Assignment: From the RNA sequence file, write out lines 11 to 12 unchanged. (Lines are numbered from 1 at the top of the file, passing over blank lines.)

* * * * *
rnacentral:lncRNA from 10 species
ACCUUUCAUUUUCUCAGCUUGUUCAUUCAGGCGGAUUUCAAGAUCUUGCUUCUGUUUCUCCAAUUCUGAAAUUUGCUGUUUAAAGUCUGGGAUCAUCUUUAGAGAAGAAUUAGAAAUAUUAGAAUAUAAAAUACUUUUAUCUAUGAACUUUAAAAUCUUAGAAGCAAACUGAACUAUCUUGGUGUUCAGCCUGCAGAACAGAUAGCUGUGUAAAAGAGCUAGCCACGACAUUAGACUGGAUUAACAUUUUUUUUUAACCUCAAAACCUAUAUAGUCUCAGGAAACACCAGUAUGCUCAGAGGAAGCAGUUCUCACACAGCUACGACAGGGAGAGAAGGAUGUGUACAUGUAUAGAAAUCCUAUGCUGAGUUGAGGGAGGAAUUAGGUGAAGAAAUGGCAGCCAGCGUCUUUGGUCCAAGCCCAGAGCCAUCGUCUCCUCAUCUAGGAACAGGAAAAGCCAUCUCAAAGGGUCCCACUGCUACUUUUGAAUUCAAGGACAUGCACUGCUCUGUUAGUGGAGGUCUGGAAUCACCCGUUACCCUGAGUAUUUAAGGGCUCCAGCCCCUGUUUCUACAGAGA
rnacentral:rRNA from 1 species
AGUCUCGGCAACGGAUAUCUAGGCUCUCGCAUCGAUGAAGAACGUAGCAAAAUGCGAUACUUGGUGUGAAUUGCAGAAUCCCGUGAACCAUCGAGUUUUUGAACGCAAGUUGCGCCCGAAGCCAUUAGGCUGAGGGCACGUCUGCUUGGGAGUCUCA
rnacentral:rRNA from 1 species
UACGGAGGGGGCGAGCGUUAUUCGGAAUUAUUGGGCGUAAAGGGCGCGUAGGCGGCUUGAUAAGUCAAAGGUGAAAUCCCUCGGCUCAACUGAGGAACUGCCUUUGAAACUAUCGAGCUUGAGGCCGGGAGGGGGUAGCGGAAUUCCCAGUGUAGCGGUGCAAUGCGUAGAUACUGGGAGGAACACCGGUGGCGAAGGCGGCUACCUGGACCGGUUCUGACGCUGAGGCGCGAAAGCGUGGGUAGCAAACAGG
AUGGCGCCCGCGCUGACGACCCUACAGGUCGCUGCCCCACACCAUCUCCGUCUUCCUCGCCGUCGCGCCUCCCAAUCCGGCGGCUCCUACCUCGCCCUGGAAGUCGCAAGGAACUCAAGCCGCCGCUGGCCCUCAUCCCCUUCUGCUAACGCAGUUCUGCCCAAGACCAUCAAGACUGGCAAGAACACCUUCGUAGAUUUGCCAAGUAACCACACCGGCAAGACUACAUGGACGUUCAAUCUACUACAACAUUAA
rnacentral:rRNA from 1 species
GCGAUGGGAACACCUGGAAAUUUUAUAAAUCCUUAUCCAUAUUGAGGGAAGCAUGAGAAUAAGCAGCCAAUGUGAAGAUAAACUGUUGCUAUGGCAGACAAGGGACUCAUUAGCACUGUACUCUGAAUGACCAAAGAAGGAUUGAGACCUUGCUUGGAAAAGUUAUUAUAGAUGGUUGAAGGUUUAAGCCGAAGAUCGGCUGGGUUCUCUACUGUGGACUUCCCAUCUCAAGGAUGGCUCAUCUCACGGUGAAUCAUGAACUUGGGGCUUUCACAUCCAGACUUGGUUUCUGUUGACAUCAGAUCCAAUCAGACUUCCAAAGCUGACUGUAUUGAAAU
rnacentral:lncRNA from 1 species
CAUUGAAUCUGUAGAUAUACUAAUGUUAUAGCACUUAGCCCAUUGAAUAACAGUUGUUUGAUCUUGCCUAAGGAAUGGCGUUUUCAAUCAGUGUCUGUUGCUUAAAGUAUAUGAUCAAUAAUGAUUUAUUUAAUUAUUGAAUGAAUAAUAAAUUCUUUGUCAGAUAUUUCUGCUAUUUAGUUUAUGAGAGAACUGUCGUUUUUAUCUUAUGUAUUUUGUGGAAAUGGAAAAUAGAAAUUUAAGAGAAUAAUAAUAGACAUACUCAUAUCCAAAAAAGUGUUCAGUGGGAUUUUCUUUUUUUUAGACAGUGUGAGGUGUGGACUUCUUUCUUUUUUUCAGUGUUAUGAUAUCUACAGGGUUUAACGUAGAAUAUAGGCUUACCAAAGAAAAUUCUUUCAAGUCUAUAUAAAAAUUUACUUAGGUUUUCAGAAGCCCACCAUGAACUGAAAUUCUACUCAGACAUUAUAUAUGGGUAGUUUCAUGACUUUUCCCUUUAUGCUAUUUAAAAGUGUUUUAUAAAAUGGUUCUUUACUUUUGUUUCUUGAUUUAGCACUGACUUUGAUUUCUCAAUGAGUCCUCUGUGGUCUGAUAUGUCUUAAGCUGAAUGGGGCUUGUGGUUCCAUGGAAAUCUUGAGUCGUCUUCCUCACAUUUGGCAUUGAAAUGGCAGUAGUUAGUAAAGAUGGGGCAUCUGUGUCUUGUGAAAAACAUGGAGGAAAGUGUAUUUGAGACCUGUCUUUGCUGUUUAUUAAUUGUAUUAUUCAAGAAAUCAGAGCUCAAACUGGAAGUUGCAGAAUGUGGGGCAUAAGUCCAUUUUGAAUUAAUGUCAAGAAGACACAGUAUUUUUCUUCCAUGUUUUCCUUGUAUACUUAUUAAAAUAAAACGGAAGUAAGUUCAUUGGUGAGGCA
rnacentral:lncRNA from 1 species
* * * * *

CAUUGAAUCUGUAGAUAUACUAAUGUUAUAGCACUUAGCCCAUUGAAUAACAGUUGUUUGAUCUUGCCUAAGGAAUGGCGUUUUCAAUCAGUGUCUGUUGCUUAAAGUAUAUGAUCAAUAAUGAUUUAUUUAAUUAUUGAAUGAAUAAUAAAUUCUUUGUCAGAUAUUUCUGCUAUUUAGUUUAUGAGAGAACUGUCGUUUUUAUCUUAUGUAUUUUGUGGAAAUGGAAAAUAGAAAUUUAAGAGAAUAAUAAUAGACAUACUCAUAUCCAAAAAAGUGUUCAGUGGGAUUUUCUUUUUUUUAGACAGUGUGAGGUGUGGACUUCUUUCUUUUUUUCAGUGUUAUGAUAUCUACAGGGUUUAACGUAGAAUAUAGGCUUACCAAAGAAAAUUCUUUCAAGUCUAUAUAAAAAUUUACUUAGGUUUUCAGAAGCCCACCAUGAACUGAAAUUCUACUCAGACAUUAUAUAUGGGUAGUUUCAUGACUUUUCCCUUUAUGCUAUUUAAAAGUGUUUUAUAAAAUGGUUCUUUACUUUUGUUUCUUGAUUUAGCACUGACUUUGAUUUCUCAAUGAGUCCUCUGUGGUCUGAUAUGUCUUAAGCUGAAUGGGGCUUGUGGUUCCAUGGAAAUCUUGAGUCGUCUUCCUCACAUUUGGCAUUGAAAUGGCAGUAGUUAGUAAAGAUGGGGCAUCUGUGUCUUGUGAAAAACAUGGAGGAAAGUGUAUUUGAGACCUGUCUUUGCUGUUUAUUAAUUGUAUUAUUCAAGAAAUCAGAGCUCAAACUGGAAGUUGCAGAAUGUGGGGCAUAAGUCCAUUUUGAAUUAAUGUCAAGAAGACACAGUAUUUUUCUUCCAUGUUUUCCUUGUAUACUUAUUAAAAUAAAACGGAAGUAAGUUCAUUGGUGAGGCA
rnacentral:lncRNA from 1 species